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APPROPRIATION BILL FOR 1943

REA PROGRAM AS RELATED TO THE COPPER

SUPPLY

PRELIMINARY HEARINGS

.. BEFORE THE

SUBCOMMITTEE OF THE
COMMITTEE ON APPROPRIATIONS
HOUSE OF REPRESENTATIVES
SEVENTY-SEVENTH CONGRESS

FIRST SESSION

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COMMITTEE ON APPROPRIATIONS

CLARENCE CANNON, Missouri, Chairman CLIFTON A. WOODRUM, Virginia JOHN TABER, New York LOUIS LUDLOW, Indiana

RICHARD B. WIGGLESWORTH, Massachusetts MALCOLM C. TARVER, Georgia

WILLIAM P. LAMBERTSON, Kansas
JED JOHNSON, Oklahoma

D. LANE POWERS, New Jersey
J. BUELL SNYDER, Pennsylvania J. WILLIAM DITTER, Pennsylvania
EMMET O'NEAL, Kentucky

ALBERT E. CARTER, California
GEORGE W. JOHNSON, West Virginia ROBERT F. RICH, Pennsylvania
JAMES G. SCRUGHAM, Nevada

CHARLES A. PLUMLEY, Vermont JAMES M. FITZPATRICK, New York EVERETT M. DIRKSEN, Illinois LOUIS C. RABAUT, Michigan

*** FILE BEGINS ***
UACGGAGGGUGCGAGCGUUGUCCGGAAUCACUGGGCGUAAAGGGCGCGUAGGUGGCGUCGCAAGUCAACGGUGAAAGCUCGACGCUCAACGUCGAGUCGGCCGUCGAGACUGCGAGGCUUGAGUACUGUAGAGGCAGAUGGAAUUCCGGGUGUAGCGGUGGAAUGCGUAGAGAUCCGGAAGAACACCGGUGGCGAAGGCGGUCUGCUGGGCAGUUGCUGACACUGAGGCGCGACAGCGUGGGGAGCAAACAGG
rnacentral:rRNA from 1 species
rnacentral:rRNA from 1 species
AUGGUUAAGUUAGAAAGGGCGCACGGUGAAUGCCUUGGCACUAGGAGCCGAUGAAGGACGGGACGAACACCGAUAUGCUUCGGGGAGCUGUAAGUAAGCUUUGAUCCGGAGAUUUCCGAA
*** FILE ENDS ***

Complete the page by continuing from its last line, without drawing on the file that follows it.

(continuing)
ALBERT J. ENGEL, Michigan DAVID D. TERRY, Arkansas

KARL STEFAN, Nebraska JOHN M. HOUSTON, Kansas

FRANCIS H. CASE, South Dakota JOE STARNES, Alabama

FRANK B. KEEFE, Wisconsin
ROSS A. COLLINS, Mississippi

NOBLE J. JOHNSON, Indiana
CHARLES H. LEAVY, Washington ROBERT F. JONES, Ohio
JOSEPH E. CASEY, Massachusetts
JOHN H. KERR, North Carolina
GEORGE H. MAHON, Texas
HARRY R. SHEPPARD, California
BUTLER B. HARE, South Carolina
HARRY P. BEAM, Illinois
ALBERT THOMAS, Texas
VINCENT F. HARRINGTON, Iowa
JOE HENDRICKS, Florida

MARCELLUS C. SHEILD, Clerk

SUBCOMMITTEE ON AGRICULTURAL DEPARTMENT

MALCOLM C. TARVER, Georgia, Chairman
CLARENCE CANNON, Missouri WILLIAM P. LAMBERTSON, Kansas
CHARLES H. LEAVY, Washington EVERETT M. DIRKSEN, Illinois
DAVID D. TERRY, Arkansas

CHARLES A. PLUMLEY, Vermont
ROSS A. COLLINS, Mississippi